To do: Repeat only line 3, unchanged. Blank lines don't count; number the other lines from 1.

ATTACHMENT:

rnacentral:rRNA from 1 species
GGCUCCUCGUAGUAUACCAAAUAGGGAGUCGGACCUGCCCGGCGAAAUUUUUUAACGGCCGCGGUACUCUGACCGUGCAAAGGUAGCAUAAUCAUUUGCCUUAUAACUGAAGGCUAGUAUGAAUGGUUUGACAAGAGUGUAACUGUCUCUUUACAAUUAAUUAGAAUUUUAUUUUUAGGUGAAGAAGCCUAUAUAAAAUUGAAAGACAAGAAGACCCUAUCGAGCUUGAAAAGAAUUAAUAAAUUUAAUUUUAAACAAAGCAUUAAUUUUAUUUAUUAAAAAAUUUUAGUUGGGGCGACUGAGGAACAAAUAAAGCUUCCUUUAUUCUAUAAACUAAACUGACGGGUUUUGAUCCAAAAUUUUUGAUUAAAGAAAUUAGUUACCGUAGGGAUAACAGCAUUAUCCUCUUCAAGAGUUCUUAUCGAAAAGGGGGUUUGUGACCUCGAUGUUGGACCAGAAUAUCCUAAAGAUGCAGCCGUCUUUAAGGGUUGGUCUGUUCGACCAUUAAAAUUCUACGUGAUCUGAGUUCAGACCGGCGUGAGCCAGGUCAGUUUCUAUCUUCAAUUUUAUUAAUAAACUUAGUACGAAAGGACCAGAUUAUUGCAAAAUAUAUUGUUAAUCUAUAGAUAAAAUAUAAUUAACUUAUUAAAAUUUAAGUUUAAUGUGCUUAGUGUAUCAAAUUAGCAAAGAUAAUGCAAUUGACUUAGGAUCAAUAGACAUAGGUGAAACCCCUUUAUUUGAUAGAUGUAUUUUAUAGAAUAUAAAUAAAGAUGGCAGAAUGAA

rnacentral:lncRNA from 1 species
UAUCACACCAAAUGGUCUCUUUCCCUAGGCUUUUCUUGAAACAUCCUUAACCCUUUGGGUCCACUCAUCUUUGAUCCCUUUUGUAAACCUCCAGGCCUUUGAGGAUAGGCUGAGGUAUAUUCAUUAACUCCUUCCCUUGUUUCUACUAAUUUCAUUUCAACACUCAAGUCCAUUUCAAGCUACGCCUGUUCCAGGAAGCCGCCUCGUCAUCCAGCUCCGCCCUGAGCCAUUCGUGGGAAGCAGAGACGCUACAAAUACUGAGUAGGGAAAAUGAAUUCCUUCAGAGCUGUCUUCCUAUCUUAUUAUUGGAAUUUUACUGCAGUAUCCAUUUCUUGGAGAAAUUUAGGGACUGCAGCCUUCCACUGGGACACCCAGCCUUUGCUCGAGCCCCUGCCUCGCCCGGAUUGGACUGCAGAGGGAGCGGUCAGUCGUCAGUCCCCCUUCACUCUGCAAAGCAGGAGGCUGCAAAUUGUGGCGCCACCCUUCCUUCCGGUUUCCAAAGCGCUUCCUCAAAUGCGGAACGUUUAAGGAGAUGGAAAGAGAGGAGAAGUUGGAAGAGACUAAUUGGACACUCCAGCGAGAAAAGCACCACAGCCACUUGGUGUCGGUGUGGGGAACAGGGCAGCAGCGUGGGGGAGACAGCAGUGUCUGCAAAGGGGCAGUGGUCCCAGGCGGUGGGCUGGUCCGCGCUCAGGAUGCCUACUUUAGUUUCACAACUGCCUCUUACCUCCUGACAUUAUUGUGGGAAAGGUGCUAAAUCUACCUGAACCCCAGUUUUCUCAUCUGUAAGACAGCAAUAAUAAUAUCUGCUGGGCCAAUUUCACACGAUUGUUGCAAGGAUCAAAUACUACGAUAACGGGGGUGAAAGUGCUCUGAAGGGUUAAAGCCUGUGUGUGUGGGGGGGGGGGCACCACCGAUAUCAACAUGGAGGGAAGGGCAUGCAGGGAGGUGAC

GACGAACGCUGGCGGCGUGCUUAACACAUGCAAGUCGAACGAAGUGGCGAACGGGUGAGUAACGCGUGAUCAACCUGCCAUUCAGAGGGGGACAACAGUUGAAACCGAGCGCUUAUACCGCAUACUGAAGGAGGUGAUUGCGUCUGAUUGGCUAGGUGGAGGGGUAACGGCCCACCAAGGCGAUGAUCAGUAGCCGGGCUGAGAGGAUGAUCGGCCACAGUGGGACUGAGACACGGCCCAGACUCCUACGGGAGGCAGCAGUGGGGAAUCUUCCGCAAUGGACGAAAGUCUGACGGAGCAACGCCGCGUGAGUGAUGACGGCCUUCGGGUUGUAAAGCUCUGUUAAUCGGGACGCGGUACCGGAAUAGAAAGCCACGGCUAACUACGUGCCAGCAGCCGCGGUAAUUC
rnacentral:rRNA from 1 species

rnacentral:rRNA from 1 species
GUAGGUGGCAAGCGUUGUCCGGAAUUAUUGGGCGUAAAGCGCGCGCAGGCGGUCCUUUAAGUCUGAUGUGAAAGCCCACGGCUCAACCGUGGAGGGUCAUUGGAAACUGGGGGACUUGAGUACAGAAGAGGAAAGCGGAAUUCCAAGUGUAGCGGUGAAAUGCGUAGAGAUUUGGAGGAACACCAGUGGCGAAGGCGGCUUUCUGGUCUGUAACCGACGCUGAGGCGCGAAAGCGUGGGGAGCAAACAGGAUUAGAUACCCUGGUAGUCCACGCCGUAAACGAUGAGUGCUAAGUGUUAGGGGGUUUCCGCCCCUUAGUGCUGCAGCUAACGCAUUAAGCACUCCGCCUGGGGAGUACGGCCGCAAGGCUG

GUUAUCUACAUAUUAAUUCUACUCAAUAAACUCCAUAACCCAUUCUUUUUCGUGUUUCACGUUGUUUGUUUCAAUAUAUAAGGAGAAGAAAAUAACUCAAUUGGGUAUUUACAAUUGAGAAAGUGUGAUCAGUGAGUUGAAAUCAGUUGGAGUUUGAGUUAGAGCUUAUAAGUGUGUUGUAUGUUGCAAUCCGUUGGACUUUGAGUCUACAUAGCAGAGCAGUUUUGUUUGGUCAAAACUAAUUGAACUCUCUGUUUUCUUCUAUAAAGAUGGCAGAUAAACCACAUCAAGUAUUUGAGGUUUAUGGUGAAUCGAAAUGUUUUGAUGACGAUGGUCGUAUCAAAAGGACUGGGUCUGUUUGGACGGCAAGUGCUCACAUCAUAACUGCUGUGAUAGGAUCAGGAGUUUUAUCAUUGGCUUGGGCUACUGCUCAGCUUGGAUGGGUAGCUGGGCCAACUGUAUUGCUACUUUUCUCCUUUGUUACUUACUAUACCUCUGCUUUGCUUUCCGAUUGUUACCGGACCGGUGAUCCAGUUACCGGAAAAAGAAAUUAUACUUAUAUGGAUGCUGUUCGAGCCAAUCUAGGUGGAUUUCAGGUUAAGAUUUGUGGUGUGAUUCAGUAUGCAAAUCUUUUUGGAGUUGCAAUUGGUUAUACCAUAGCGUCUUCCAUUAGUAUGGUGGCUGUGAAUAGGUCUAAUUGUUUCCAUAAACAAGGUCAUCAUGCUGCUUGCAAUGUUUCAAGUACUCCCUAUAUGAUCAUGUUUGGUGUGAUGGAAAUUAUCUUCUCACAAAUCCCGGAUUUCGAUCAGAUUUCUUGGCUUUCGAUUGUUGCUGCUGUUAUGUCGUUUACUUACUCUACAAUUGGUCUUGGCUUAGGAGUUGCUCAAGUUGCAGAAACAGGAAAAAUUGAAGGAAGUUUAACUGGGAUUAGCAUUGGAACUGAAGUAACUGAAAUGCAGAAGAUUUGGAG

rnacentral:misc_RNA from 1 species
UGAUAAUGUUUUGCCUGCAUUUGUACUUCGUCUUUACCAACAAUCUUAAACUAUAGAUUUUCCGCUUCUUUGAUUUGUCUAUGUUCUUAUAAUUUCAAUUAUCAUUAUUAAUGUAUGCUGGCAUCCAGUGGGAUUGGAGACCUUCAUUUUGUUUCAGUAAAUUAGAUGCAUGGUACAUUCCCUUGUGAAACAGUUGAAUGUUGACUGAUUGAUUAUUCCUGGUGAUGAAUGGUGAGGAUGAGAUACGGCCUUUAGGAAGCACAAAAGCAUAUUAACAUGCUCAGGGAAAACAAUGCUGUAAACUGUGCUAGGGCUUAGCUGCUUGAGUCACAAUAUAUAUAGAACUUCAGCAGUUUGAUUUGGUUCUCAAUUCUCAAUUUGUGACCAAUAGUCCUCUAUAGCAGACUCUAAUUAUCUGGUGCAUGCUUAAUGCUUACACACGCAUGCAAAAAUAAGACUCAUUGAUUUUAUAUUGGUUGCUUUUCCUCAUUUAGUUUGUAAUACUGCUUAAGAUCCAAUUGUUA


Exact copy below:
rnacentral:lncRNA from 1 species